A federal judge on Tuesday approved the merger of AT&T (NYSE:T) and Time Warner (NYSE:TWX.DL) after a six-week trial. While the decision will allow AT&T to move forward with its $85 billion acquisition, it will also have a much broader impact. The ruling opens the door for more massive corporate mergers and acquisitions in the media and telecom space, which could have a big impact on investors.
Here are three big implications of the AT&T-Time Warner decision.
Comcast could swipe Fox from Disney
Disney (NYSE:DIS) agreed late last year to acquire most of the cable and movie studio assets of Twenty First Century Fox (NASDAQ:FOXA). The move would make Disney more of a behemoth in television and movies, and enable it to compete with big streaming services by adding even more content to its own direct-to-consumer offering.
Meanwhile, Comcast (NASDAQ:CMCSA) has been eyeing both Fox and Sky Networks, the European pay-TV giant. Fox owns a 39% stake in Sky and has a bid of its own to acquire the rest of the company.
Comcast had reportedly prepared an all-cash offering for Fox even before the court announced the AT&T-Time Warner decision. Fox's management had said it prefers a deal with Disney because it believes it would be easier to gain regulatory approval, but with the recent court decision, that objection may be moot.
As a result, the decision is great news for Fox. Comcast investors may be excited by the news, as it would give the company the opportunity to buy both Fox and Sky, but those acquisitions would weigh heavily on the company's balance sheet. Conversely, the ruling is bad news for Disney, which might have to go back to the drawing board with Fox.
Odds of a T-Mobile and Sprint merger just improved
When T-Mobile (NASDAQ:TMUS) and Sprint (NYSE:S) announced their planned merger, shares of both companies fell along with shares of AT&T and Verizon. The only explanation for the decline in share price across the board is the market's fears over whether the merger will be approved. The AT&T-Time Warner decision should mitigate those concerns and send stock prices higher across the board.
T-Mobile and Sprint merging provides the two companies with enough scale to take advantage of the huge fixed costs associated with operating a wireless network. The combined companies should be able to produce operating margins more closely in line with the wireless operations of Verizon and AT&T. T-Mobile's CFO, Braxton Carter, expects about $37 billion in synergies from combining the wireless networks and retail operations, among other things.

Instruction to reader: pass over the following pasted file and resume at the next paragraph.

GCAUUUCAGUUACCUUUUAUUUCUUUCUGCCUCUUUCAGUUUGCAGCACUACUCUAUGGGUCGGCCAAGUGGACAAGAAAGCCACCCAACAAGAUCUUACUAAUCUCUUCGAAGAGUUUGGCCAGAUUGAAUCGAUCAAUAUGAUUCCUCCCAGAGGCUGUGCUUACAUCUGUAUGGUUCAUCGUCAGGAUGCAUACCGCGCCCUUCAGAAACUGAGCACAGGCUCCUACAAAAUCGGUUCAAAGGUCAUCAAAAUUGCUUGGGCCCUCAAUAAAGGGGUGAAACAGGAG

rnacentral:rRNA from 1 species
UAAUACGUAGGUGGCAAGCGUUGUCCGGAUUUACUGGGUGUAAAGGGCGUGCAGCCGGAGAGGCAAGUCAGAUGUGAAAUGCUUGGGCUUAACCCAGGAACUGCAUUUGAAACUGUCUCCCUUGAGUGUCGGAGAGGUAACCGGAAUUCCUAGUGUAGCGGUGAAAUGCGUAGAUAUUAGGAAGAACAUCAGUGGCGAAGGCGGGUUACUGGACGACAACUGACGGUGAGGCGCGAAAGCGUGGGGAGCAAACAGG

Without the need to scale, Sprint and T-Mobile may reduce the aggressiveness of their pricing and promotions, which could lead to better margins at AT&T and Verizon as well.
Vertical healthcare mergers should go through, too
There are two large mergers in the healthcare industry that are under scrutiny as well. CVS (NYSE: CVS) and Aetna (NYSE: AET) agreed to a $69 billion merger last October. The combined company would include a tripod of healthcare services including a retail pharmacy, a health insurer, and a pharmacy benefits manager. That's some significant vertical integration that would create quite an advantage over competitors.
Meanwhile, Cigna (NYSE: CI) agreed in March to buy Express Scripts (NASDAQ: ESRX) in a deal worth more than $50 billion in cash and stock. That would give Cigna two legs -- health insurance and a pharmacy benefits manager -- and put it on par with some of its larger competitors that have their own PBMs.
The increased likelihood of these vertical integration mergers going through following the AT&T-Time Warner decision should encourage investors. So far, that seems to be the case -- share prices for all four companies rose after the decision.
The AT&T-Time Warner decision makes it likely we will see many more of these large mergers and acquisitions by setting a precedent for a more hands-off approach to regulation. Fears of potential merger breakups should diminish, and it could lead to a lot more activity over the next few years. Investors would be wise to keep this bellwether case in mind moving forward, but that doesn't necessarily mean changing course to focus on companies only because they might be acquired.